In the illustrated example of FIG. 10, in response to a power supply (timing Sc0), a new address ‘adr1’ is allocated to the printing device 300 (timing Sc2). The printing device 300 notifies the mediation server 200 of this address ‘adr1’ and the serial number on preliminary communication (timing Sc2).

The mediation server 200 registers the address ‘adr1’ with the received serial number as a key into the specific information storage module 207 (see data dat1 in FIG. 10).

It is here assumed that the communication between the printing device 300 and the mediation server 200 is cut off, due to some trouble on the network NET or the user's communication cutoff command (timing Sc3). The mediation server 200 detects a cutoff of communication with the printing device 300 (timing sc4) and invalidates the address ‘adr1’ registered in the printing device 300 (see data dat4 in FIG. 10).

The printing device 300 then reconnects with the network NET and receives a newly allocated address ‘adr2’ (timing Sc5). The printing device 300 again transmits preliminary communication and reestablishes connection with the mediation server 200 (timing Sc6). The mediation server 200 detects connection with the printing device 300 and updates the stored data in the specific information storage module 207 (see data dat6 in FIG. 10).

The mediation server 200 is allowed to mediate a print demand to the printing device 300 during a time period between the timing Sc2 and the timing Sc3 or during a time period after the timing Sc6. When receiving a printer information request sent from the client device 100 during either of these time periods, the mediation server 200 sends back information on the availability of the printing device 300.

FIG. 11 is a flowchart showing a print mediation process executed in the second embodiment.

The mediation server 200 confirms that the last preliminary communication is kept normally and sends the information on the availability of the printing device 300 to the client device 100 (timing Sd11). The confirmation may check the connection status with the printing device 300 or may refer to the past results of detection.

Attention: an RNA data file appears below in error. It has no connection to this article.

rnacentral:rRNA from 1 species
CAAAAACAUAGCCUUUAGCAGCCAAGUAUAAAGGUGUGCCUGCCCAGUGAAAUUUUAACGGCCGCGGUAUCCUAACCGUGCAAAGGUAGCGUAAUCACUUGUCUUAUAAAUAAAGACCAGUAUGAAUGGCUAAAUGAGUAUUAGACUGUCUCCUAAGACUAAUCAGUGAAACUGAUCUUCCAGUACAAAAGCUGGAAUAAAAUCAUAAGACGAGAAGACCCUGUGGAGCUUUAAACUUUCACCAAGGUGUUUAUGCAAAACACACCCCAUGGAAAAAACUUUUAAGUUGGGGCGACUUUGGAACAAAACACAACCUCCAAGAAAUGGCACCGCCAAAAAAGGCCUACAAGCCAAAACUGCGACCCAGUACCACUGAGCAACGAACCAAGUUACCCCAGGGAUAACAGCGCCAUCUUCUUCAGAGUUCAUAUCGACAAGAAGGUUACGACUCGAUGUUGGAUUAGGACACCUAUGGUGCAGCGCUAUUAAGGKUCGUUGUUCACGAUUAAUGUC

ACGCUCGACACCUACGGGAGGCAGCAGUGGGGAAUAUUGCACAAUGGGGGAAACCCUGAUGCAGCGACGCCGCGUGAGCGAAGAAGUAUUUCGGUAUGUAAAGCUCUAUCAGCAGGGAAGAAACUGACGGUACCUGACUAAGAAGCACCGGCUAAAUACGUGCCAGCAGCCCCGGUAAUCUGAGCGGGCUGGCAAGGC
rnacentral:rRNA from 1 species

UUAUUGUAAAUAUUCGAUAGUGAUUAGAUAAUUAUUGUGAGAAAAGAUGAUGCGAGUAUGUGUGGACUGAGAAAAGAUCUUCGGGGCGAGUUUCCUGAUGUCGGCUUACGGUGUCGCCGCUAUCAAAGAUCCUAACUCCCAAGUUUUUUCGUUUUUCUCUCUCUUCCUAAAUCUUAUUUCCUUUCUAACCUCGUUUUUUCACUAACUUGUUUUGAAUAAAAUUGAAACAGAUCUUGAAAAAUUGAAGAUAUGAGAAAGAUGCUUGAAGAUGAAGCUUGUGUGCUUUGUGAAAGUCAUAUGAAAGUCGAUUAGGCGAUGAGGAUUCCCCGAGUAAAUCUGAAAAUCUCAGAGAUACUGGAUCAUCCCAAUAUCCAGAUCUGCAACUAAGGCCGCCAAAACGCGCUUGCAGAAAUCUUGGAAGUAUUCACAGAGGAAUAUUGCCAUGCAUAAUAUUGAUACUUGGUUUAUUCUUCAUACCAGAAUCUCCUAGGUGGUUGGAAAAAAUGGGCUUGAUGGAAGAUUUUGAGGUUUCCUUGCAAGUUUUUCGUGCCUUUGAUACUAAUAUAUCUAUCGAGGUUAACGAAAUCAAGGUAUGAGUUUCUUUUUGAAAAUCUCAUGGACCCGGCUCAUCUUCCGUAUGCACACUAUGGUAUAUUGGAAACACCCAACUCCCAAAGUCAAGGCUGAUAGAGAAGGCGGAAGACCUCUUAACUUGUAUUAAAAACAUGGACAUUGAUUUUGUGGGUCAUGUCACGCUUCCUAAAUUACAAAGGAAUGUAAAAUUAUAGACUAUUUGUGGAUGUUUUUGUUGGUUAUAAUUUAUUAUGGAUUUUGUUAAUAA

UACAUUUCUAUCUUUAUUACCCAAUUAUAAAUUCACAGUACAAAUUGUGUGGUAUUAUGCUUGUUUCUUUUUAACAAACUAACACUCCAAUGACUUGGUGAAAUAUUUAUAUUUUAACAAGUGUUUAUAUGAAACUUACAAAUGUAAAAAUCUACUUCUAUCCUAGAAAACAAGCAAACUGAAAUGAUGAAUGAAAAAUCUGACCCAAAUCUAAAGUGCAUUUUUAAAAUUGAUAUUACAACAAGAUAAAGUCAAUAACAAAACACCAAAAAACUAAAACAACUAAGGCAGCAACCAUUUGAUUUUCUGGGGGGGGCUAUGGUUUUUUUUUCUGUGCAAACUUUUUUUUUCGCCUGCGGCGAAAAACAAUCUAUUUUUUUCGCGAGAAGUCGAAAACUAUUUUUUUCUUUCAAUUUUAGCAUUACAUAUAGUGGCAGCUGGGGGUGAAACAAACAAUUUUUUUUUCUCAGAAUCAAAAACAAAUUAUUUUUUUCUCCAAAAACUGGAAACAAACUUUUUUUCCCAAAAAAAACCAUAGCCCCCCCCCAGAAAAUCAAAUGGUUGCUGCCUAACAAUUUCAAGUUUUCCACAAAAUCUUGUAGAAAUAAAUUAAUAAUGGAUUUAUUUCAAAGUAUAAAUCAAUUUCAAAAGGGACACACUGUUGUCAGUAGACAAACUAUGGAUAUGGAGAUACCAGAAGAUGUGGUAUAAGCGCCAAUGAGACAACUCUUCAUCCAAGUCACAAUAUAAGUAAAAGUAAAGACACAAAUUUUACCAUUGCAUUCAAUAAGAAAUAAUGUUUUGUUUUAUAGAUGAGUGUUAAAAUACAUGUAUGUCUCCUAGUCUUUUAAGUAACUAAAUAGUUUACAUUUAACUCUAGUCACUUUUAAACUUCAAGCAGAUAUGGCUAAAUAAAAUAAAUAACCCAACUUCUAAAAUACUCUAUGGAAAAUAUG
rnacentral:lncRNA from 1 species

FIG. 12 is an explanatory view showing an interface for the print mediation process in the second embodiment. A window 260 for a print demand is opened on the client device 100. The user clicks an execution button 263 to output a print demand (timing Sd13).

A network check button 261 is provided for the available printing device ‘Home1’. A click of this button opens a network check window 262 to check the current address of the printing device ‘Home1’.

The mediation server 200 then mediates the print demand to the printing device 300 (timing Sd13). The printing device 300 receives the print demand and executes the service (timing Sd14). On completion of printing (timing Sd15), the printing device 300 sends a notice of completion (timing Sd16).

In the illustrated example, the communication between the printing device 300 and the mediation server 200 is kept for a time period between the timing Sd01 and the timing Sd13. For mediation of the print demand, however, the only requirement is that the communication between the printing device 300 and the mediation server 200 is established at the timing Sd13. The communication may thus be cut off in the time period between the timing Sd01 and the timing Sd13.

FIG. 13 is a flowchart showing a trouble information transmission process executed in the second embodiment. It is assumed that the communication between the printing device 300 and the mediation server 200 is cut off at timing Se3 and the mediation server detects the communication cutoff at timing Se4.

The mediation server 200 determines whether the cutoff time exceeds the ‘allowable disconnection time’ registered in the specific information storage module 207. When the allowable disconnection time elapses before recovery of the connection (timing SeI), the preliminary communication processing module 203 notifies the user address of a pre-registered destination of trouble information 280 m.

The arrangement of the second embodiment effectively monitors the status of the printing device and detects an abnormality of the printing device via the network, even when the system adopts the dynamic address change mechanism like NAT or PAT or employs the dialup connection.

C. Third Embodiment